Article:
Dermatology Shapiro Summer Research Scholars

Quick Facts

How To Apply

FAQ

How does the Dermatology Shapiro process differ from the regular Shapiro process?

Due to the high demand of students wanting to work on a Dermatology project, we want to provide an equal opportunity to all interested students by offering a centralized departmental review. This allows us to ensure students match with the right faculty mentor before submitting an application to SMPH. Please see the program overview below for more information.

Who are we looking for?

The department is looking for UW med students who will be between M1 and M2 years during the summer they conduct research and who have an interest in pursuing a career in dermatology.

How many weeks does the summer research project last?

The Shapiro summer research program lasts 8-10 weeks during the summer break between May and August.

Does the Shapiro Summer Research Program pay?

Accepted Shapiro scholars are paid a stipend of $400/week.

Who do I contact with questions?

  • If you have questions about Dermatology’s Shapiro program or application survey, contact Mary Poellinger.
  • If you have questions about a specific research proposal listed below, please contact the listed faculty mentor.
  • If you have questions about the SMPH Shapiro Program in general (ie, not specific to Dermatology), please see https://summerresearch.med.wisc.edu/ for contact info.

Primary Contact

Mary Poellinger
Shapiro Program Contact
Dept. of Dermatology
mpoellinger@dermatology.wisc.edu

Program Overview

If you are interested in a Dermatology Shapiro project listed below or if you would like to discuss a project proposal with a Dermatology faculty member, please complete the Dermatology Shapiro Scholar Interest Survey.

The deadline to submit the survey to register your interest in a project with the Department of Dermatology is February 3, 2021.

We would like to develop a new project track focused on diversity and inclusion in Dermatology. For example, studying the impact of telemedicine and econsults in underserved communities. If you are interested in participating in a diversity project, please indicate this on the interest survey and contact Dan Bennett at dbennett@dermatology.wisc.edu to discuss your project proposal.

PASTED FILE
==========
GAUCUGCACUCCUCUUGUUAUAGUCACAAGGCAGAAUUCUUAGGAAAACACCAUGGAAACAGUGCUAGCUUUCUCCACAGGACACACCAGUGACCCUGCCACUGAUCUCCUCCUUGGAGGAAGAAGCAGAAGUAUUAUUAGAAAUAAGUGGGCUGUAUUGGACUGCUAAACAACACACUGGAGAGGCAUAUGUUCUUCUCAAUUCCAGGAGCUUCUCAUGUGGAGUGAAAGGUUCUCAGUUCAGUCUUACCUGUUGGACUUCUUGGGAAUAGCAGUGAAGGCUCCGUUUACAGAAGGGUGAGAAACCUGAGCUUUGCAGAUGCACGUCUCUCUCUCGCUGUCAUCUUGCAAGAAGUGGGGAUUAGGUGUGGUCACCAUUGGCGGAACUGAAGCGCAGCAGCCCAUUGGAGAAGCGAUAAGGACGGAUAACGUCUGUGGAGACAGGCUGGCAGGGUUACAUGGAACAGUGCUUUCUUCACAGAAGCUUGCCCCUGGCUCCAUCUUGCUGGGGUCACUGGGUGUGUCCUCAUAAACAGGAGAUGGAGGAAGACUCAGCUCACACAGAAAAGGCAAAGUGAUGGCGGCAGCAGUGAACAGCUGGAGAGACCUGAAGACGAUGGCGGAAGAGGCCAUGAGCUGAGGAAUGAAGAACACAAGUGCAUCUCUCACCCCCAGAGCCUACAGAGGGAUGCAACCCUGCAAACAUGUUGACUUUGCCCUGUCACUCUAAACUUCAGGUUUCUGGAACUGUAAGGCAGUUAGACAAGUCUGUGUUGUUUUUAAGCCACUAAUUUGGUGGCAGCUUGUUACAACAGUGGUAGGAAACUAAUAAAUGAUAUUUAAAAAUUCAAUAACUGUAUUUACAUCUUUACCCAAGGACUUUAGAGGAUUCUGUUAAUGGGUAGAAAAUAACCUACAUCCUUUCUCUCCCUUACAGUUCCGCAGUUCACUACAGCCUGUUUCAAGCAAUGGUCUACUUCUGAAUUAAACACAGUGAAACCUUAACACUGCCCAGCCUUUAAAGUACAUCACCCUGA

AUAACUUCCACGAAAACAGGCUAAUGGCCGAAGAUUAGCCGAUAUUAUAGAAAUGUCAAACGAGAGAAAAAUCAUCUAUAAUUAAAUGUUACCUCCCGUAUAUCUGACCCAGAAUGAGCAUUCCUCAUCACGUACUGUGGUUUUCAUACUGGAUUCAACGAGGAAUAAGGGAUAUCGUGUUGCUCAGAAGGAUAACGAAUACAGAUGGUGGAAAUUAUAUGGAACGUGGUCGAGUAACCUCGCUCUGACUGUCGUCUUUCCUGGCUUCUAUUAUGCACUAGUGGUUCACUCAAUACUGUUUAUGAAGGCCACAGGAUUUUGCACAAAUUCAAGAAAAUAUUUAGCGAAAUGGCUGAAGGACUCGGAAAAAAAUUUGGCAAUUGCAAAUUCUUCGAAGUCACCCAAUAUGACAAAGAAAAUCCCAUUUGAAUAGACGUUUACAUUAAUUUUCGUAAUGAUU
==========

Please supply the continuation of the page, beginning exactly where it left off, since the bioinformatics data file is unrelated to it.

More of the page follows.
Once submitted, an administrative staff member will communicate your response to the Dermatology Shapiro Scholar Selection Committee. The committee will meet in early February for review. If selected, a faculty member will reach out to discuss a potential mentoring relationship.

If approved, your mentor will work with you to ensure submission of your Shapiro proposal to SMPH by the deadline of March 3, 2021.

Application & Submission Timeline

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January

  • Faculty projects posted on Shapiro Scholars website
  • Dermatology faculty projects posted on this page

February

  • Medical students submit interest via Dermatology Shapiro Scholars Survey
  • Dermatology Shapiro Scholar Selection Committee meets to review student proposals
  • Medical students are informed whether they have been selected to proceed
  • Medical students work on student proposals with mentors prior to submission

March

  • Students submit proposals to SMPH Shapiro Program
  • Proposals reviewed by SMPH Student Research Committee

April

  • Proposal decisions announced

May-August

  • Shapiro Summer Research Program

November

  • Student presents their summer research at the Medical Student Research Forum

Dermatology Projects for Summer 2021

Novel Immune-Related Genes in Melanoma (2021)

Project Track: Basic Science
Program Year: Summer 2021
Faculty Mentor: Nihal Ahmad, PhD (view profile | nahmad@dermatology.wisc.edu), Vice Chair of Research and Professor of Dermatology
Skills Required: Basic knowledge in cancer/immunology/bioinformatics/statistics is a plus but not required.

Student’s Role: Student will work with other laboratory personnel on the above project and study the role of novel immune-related genes in melanoma. Depending on skills and interests, student will learn how to perform and/or analyze tissue microarray data and correlation analyses of genes with clinical parameters. Depending upon progress, there is a possibility of a co-authorship on a future publication.

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Project Description